An appeal of right may be followed by a discretionary appeal (typically to a state supreme court) and after that may be followed by a "collateral attack" on the conviction in a Habeas Corpus petition (typically alleging the both the trial court and the appellate court failed to protect a defendant's constitutional rights in the court process).

Once all appeals have been exhausted, a convicted defendant is released not later than the end of the maximum prison term assigned by the judge after the trial (with any revisions made necessary by a successful appeal). Sometimes an earlier date of release is agreed to by a parole board (a decision largely not subject to review by the courts). Rarely, a governor or President will pardon an individual or commute his sentence, allowing for an early release. Individuals sentenced to more than one year are typically sent to a state prison (or federal prison if a federal crime is implicated). Individuals sentenced to less than one year (typically for misdemeanors) typically serve their sentences in a county or city jail.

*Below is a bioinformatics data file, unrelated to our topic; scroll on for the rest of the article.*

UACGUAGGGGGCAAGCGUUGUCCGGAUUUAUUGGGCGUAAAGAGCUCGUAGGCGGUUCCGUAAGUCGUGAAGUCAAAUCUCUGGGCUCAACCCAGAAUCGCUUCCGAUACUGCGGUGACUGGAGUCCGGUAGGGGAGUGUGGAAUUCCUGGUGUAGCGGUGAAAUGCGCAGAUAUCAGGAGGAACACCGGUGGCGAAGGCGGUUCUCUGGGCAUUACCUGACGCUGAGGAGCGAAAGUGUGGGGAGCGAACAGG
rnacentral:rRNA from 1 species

Policy Issues

Many characteristics of American Criminal Procedure are controversial.

The exclusionary rules which, to grossly oversimplify, keep out evidence seized in improper searches and confessions obtained without Miranda warnings, because they often let guilty people go free due to police screw ups, are often targets of questioning. (The theory is to discourage such illegal activity by making it useless for proving a case).